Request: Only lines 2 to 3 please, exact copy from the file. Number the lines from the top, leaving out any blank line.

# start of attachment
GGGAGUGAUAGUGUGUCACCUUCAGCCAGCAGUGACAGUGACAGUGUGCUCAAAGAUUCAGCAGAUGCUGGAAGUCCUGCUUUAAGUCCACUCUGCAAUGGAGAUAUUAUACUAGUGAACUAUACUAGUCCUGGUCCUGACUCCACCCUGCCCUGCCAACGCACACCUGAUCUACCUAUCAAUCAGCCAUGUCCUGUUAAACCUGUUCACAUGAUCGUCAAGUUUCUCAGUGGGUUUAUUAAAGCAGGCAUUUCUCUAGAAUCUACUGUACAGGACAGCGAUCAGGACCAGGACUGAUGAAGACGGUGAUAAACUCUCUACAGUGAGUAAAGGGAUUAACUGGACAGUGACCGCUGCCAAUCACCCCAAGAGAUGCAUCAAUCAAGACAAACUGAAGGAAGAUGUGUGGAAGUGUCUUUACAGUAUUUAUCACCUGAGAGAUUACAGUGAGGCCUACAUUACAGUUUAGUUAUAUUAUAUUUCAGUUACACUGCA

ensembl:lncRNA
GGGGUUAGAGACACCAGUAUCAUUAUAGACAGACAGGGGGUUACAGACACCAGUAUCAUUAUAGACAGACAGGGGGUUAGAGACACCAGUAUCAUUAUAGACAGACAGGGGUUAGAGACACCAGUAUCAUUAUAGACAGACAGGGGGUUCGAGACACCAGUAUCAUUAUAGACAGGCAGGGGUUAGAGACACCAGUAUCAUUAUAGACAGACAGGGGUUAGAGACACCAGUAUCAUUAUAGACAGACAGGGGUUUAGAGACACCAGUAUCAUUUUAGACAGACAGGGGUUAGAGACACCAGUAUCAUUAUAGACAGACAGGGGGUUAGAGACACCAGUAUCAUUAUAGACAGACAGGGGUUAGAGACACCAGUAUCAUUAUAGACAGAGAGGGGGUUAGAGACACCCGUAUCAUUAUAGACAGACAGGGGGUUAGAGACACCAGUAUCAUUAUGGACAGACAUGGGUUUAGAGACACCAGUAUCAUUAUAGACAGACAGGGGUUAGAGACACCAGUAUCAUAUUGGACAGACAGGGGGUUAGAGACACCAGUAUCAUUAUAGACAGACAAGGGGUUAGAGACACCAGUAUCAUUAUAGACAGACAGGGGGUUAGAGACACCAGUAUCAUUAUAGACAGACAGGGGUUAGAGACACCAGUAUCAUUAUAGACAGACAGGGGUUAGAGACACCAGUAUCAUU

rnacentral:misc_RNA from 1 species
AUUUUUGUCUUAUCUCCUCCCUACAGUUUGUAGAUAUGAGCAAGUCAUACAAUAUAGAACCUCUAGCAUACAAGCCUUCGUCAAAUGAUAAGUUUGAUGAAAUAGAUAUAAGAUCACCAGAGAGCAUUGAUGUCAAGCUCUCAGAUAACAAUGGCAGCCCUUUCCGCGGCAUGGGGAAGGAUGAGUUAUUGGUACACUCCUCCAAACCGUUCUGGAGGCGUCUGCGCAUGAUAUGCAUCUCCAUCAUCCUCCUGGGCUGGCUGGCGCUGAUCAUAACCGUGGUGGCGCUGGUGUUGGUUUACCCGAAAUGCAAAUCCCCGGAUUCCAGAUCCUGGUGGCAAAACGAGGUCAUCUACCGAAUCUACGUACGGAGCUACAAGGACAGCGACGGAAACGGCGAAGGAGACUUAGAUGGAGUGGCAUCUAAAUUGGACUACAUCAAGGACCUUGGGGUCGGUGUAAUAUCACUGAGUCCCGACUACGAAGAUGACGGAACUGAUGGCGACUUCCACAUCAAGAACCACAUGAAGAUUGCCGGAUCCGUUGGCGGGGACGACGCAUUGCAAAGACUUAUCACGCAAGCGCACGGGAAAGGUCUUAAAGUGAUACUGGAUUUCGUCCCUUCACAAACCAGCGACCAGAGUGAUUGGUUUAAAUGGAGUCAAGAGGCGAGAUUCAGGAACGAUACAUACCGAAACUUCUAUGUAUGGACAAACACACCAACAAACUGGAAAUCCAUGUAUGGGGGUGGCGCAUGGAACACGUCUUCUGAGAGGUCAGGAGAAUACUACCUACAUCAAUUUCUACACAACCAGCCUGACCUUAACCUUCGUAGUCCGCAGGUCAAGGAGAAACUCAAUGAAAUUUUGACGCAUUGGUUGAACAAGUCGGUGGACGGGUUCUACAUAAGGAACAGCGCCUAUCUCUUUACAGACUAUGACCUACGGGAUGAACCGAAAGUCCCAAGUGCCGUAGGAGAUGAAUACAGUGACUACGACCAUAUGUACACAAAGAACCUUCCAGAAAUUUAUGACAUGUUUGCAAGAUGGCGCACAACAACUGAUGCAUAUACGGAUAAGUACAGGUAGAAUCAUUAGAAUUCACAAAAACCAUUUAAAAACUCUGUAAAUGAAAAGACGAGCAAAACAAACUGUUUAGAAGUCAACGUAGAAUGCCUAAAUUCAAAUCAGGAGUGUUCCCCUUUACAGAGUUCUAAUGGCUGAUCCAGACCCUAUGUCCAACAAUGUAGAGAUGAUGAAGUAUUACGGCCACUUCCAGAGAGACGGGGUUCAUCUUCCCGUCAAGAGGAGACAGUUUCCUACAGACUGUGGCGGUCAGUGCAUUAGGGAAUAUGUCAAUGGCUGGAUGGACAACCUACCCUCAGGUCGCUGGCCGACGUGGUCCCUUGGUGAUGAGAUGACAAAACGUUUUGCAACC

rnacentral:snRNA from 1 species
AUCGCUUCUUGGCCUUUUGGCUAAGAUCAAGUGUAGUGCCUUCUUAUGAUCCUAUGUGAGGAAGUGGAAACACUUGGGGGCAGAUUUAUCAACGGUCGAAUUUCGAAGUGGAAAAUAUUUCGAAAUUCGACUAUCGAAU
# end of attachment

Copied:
ensembl:lncRNA
GGGGUUAGAGACACCAGUAUCAUUAUAGACAGACAGGGGGUUACAGACACCAGUAUCAUUAUAGACAGACAGGGGGUUAGAGACACCAGUAUCAUUAUAGACAGACAGGGGUUAGAGACACCAGUAUCAUUAUAGACAGACAGGGGGUUCGAGACACCAGUAUCAUUAUAGACAGGCAGGGGUUAGAGACACCAGUAUCAUUAUAGACAGACAGGGGUUAGAGACACCAGUAUCAUUAUAGACAGACAGGGGUUUAGAGACACCAGUAUCAUUUUAGACAGACAGGGGUUAGAGACACCAGUAUCAUUAUAGACAGACAGGGGGUUAGAGACACCAGUAUCAUUAUAGACAGACAGGGGUUAGAGACACCAGUAUCAUUAUAGACAGAGAGGGGGUUAGAGACACCCGUAUCAUUAUAGACAGACAGGGGGUUAGAGACACCAGUAUCAUUAUGGACAGACAUGGGUUUAGAGACACCAGUAUCAUUAUAGACAGACAGGGGUUAGAGACACCAGUAUCAUAUUGGACAGACAGGGGGUUAGAGACACCAGUAUCAUUAUAGACAGACAAGGGGUUAGAGACACCAGUAUCAUUAUAGACAGACAGGGGGUUAGAGACACCAGUAUCAUUAUAGACAGACAGGGGUUAGAGACACCAGUAUCAUUAUAGACAGACAGGGGUUAGAGACACCAGUAUCAUU